The Naval Surface Warfare Center (NSWC) is evaluating the use of a gas turbine to power some of its loads, and ESI researchers are helping. NREL researchers Hugo Villegas, Ed Muljadi, and Vahan Gevorgian are driving the effort to develop an integrated model of a system with a gas turbine and a power processing unit that was designed by NSWC. The NSWC has developed models of both the gas turbine and the power processing unit, and Muljadi's team will first verify the performance of the gas turbine model under a variety of load conditions, and then will integrate the two models. The ESI team will use the integrated model to assess the performance of the system under a variety of load conditions, which will be defined by the NSWC.
NREL's ESI researchers have performed a large body of work for the Hawaiian Electric Companies (HECO) over the past several years, most of which was geared toward allowing greater penetrations of solar photovoltaic (PV) systems on its distribution feeders. NREL's key recommendation was to require advanced inverters that could provide greater grid support and help maintain normal grid voltages. Now two recent NREL reports examine the impact of using such advanced inverters for voltage support and also consider the benefits of using advanced inverters to help mitigate frequency events using the frequency-watt function. HECO filed both reports with the Hawaii Public Utilities Commission as technical support for their proposed update to their interconnection tariff, Rule 14H, which will require several new grid support functions that are not yet required anywhere in the United States.
The first report, "Simulation of Hawaiian Electric Companies Feeder Operations with Advanced Inverters and Analysis of Annual Photovoltaic Energy Curtailment," written by NREL's Julieta Giraldez, Adarsh Nagarajan, Peter Gotseff, Venkat Krishnan, and Andy Hoke, as well as by HECO's Reid Ueda, Jon Shindo, Marc Asano, and Earle Ifuku, examines the use of advanced inverters that can "ride through" voltage disturbances and adapt their output to support grid voltage. This is in contrast to the inverters on HECO's system today, which operate at a fixed output of 95% real power and 5% reactive power with no ride-through capability. The analysis looked at both recent PV penetrations and those projected for the future and examined how the inverters operated with four separate automated response mechanisms.
The study found that increasing penetrations of advanced inverters actually helped with voltage control, and that inverters using volt-var control—in which real power is supplemented with reactive power to control voltage—had less of their energy curtailed while they resulted in a lower feeder demand for reactive power. Activating volt-watt control in combination with volt-var in the near-term PV-penetration cases resulted in annual energy curtailments of less than 0.5% per customer for 95% of the customers and less than 5% for the remaining 5% of the customers. This is the first known study to quantify the impacts of inverter-based voltage regulation using detailed annual simulations of full real-world feeder models including entire distribution secondary circuits.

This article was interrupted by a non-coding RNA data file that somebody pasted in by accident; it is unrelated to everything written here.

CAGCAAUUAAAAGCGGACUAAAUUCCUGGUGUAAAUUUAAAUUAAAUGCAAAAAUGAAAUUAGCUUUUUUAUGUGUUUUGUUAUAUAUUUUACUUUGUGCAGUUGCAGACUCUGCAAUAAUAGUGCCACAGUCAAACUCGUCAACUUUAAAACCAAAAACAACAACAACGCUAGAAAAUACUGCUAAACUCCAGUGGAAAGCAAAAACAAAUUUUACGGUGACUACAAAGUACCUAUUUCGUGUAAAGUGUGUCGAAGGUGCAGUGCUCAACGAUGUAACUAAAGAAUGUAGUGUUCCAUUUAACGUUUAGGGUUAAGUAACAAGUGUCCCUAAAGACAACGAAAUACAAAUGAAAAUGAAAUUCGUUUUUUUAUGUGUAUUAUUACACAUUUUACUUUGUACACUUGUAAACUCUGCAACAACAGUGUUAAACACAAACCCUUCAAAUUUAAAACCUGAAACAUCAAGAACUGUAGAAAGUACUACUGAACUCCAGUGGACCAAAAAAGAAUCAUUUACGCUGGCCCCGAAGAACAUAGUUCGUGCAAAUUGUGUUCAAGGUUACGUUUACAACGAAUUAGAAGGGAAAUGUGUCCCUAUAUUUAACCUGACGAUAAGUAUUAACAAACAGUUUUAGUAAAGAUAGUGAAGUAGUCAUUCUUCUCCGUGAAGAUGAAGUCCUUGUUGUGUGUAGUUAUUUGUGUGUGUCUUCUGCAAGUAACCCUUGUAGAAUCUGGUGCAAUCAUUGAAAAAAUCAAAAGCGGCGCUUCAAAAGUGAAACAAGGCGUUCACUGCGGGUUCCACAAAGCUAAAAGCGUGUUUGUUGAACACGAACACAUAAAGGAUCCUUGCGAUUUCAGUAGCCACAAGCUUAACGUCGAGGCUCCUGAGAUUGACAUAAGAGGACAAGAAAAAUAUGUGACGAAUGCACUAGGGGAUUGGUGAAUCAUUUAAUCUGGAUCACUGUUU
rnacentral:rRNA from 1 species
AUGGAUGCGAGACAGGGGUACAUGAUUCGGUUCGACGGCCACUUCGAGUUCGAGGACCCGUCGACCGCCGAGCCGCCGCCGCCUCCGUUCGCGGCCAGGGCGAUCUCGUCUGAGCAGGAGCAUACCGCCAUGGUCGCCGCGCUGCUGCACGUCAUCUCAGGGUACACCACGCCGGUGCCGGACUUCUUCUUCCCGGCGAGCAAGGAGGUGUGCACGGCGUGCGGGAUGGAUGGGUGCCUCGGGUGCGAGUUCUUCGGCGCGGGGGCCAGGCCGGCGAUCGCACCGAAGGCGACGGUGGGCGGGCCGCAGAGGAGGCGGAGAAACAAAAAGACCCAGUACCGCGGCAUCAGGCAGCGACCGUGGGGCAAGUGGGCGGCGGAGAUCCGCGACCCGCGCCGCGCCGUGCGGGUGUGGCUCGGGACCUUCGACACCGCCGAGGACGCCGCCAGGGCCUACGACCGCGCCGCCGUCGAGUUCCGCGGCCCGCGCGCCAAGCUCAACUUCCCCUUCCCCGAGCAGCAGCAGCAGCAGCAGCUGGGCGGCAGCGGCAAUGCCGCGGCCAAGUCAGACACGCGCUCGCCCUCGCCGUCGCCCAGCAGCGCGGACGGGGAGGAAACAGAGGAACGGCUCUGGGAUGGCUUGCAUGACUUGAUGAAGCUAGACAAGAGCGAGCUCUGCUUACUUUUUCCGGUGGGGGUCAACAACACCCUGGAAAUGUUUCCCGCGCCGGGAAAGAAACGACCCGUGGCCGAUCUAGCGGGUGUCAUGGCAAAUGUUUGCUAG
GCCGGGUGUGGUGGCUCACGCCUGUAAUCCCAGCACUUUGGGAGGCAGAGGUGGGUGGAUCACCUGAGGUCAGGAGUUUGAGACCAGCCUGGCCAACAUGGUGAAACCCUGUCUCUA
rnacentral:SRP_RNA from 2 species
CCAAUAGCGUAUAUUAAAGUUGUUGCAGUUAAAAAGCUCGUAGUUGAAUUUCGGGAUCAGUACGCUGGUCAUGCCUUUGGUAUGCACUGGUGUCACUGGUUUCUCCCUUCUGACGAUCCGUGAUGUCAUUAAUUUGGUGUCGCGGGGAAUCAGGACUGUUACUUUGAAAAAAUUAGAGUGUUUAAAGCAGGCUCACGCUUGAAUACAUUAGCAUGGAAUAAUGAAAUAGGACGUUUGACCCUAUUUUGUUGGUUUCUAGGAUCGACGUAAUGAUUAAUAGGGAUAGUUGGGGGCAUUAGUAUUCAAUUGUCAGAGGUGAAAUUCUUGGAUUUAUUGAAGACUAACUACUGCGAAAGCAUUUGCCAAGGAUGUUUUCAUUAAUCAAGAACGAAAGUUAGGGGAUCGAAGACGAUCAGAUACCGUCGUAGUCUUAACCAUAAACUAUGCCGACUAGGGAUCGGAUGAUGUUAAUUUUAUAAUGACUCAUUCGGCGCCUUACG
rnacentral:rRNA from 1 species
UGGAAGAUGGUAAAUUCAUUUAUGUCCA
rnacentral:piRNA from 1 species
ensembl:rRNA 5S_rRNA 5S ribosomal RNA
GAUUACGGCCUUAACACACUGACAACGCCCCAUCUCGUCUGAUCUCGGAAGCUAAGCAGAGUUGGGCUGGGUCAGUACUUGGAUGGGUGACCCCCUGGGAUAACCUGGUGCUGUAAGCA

The second report, "The Frequency-Watt Function: Simulation and Testing for the Hawaiian Electric Companies," prepared for the U.S. Department of Energy's Grid Modernization Laboratory Consortium, examines the use of frequency-watt control for advanced inverters. Frequency-watt control is an autonomous inverter function in which the inverter regulates its power output based on the grid frequency measured at its terminals. The report is based on an analysis by NREL and Sandia National Laboratories and ESIF power hardware-in-the-loop verification of the ability of real hardware inverters to respond to overfrequency events by rapidly reducing their output power, and it found that such inverters do help to mitigate overfrequency events. The report recommends the response be achieved in less than two seconds, regardless of the magnitude of the frequency change, using a response curve that matches that of conventional generators for proportional sharing of the response to the disturbance. The report was written by NREL's Andy Hoke, Austin Nelson, Jin Tan, Rasel Mahmud, and Vahan Gevorgian, as well as Mohamed Elkhatib, Jay Johnson, Jason Neely, Chris Antonio, Dean Arakawa, and Ken Fong.
Through NREL, the U.S. Department of Energy’s Fuel Cell Technologies Office is offering up to $6 million in funding for collaborative projects to address key challenges associated with wide-scale production and use of hydrogen. The funding is part of the Hydrogen at Scale (H2@Scale) national laboratories consortium, which aims to develop and enable the deployment of transformational technologies that reduce the cost of hydrogen production and distribution. Proposals to participate in a cooperative research and development agreement (CRADA) project are due by September 15, 2017.
ESI engineers Barry Mather and Michael Coddington held a two-day training for the Kazakhstan Electricity Grid Operating Company on June 12 and 13 to address the best ways to integrate renewables into the power grid. The training focused primarily on codes and standards that will make it easier for renewables to interconnect with the grid. It was in support of an NREL project for the U.S. Agency for International Development (USAID) aimed at promoting the greater use of renewables in Central Asia, including the countries of Kazakhstan, the Kyrgyz Republic, Tajikistan, Turkmenistan, and Uzbekistan.
The grid operating company of Kazakhstan is drafting a solar and wind interconnection grid code and was so eager for NREL's input that they had the document translated into English for the ESI team. This caused the second day of the training to transition into a discussion of the proposed code, with the ESI team suggesting ways to modify the code to make it easier for projects of different sizes and different solar and wind technologies to interconnect with the national grid. For instance, Mather and Coddington noted that a zero-voltage ride-through requirement would be difficult to meet for some types of wind turbines, and a slightly relaxed requirement could open the market to all models of wind turbines.
Seeing the value in the discussion of the proposed grid interconnection code, the Kazakhstan Electricity Grid Operating Company has requested that NREL perform a detailed review of it, which is now proceeding as part of the USAID project. The next phase of the project will be a full-blown grid integration study for the Kazakhstan grid to evaluate any reliability impacts of higher penetrations of renewable energy. This study is being carried out specifically for Kazakhstan because the country leads the region in its plans for renewable energy deployment.